Israel's misappropriation of land in the West Bank through settler violence
B'Tselem published a new report today showing how Israel has used settler violence against Palestinians to misappropriate more than 28,000 dunams* [1 dunam = 1,000 sq. meters] of West Bank farmland and pastureland that served Palestinian communities for many decades. The report examines five areas: in the South Hebron Hills, settlers from the Ma'on and Manne farms seized 2,640 dunams; in nearby Khirbet Zanutah, settlers from three "farms" seized 5,050 dunams; near the settlement of Halamish, settlers seized 3,171 dunams; near the Havat Gilad outpost, settlers seized 2,576 dunams; and in the Jordan Valley, settlers from the Um Zuqa "farm" seized 14,979 dunams. In these areas, state-backed settler violence has denied Palestinians access to a total of 28,416 dunams – a land mass larger than the municipal jurisdiction of most Israeli cities.
B'Tselem: Settler violence is state violence
For more than 30 years, B'Tselem has been documenting daily acts of settler violence against Palestinians. As the governing power in the West Bank, Israel could choose to prevent these acts. Instead, the state has harnessed settler violence to promote its policy of taking over Palestinian land for Jewish use. To that end, Israel has for many years backed, protected and financed settlers who violently disposses Palestinians of their land.
The state allows settlers to use the land from which Palestinians have been violently ejected and actively helps them by financing security, paving roads and hooking them up to the electricity and water grids. Various government authorities finance ventures for settlers. At the same time, the state gives settlers free rein to commit violent acts against Palestinians, and even assists them: The military does not confront the perpetrators or prevent their violence, and in some cases soldiers even take part. After the fact, the law enforcement system does not take measures against settlers who harm Palestinians.
In the new report, B'Tselem shows that settler violence is not a private initiative, but rather an unofficial branch of the state violence Israel uses to expel Palestinians from their land. Attributing the violence to young fundamentalists or to “rotten apples” while keeping up a pretense of law enforcement allows Israel the best of both worlds: maintain a comfortable space for “plausible deniability” and enjoy the outcome of the violence by taking over swaths of land in the West Bank.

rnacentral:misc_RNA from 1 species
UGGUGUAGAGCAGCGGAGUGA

State violence – official and otherwise – is part and parcel of Israel's apartheid regime, which aims to create a Jewish-only space between the Jordan River and the Mediterranean Sea and treats land as a resource designed to solely serve the Jewish public. The apartheid regime is based on organized, systemic violence against Palestinians carried out by numerous agents: the government, the military, the Civil Administration, the Supreme Court, the Israel Police, the Israel Security Agency, the Israel Prison Service, the Israel Nature and Parks Authority and others. Settlers are yet another function on this list. Like the violence employed against Palestinians by the military and the bureaucracy, settler violence is organized, institutionalized, well-equipped and implemented in order to achieve a defined strategic goal.
The report illustrates how settler violence has complemented official methods by helping Israel take over farmland and pastureland that, for many decades, served Palestinian communities in five areas: shepherding communities in Masafer Yatta in the South Hebron Hills, in the southwestern Hebron Hills and in the Jordan Valley, and established villages west of Ramallah and west of Nablus. According to the report, the state has dispossessed these communities of thousands of dunams by using settler violence. In some areas, this has been carried out explicitly by the military closing off swaths of land or requiring Palestinians to request advance permission to access their own land. In others, farmers and shepherds stay away for fear of encountering settlers who will assault them. In testimonies given to B'Tselem field researchers, residents describe how the violence and fear threaten the continued existence of their communities, driving them – for lack of choice – to abandon or scale back types of work they relied on for decades, forcing them stay away from pastureland and water sources that used to serve them, and limiting their cultivation of farmland.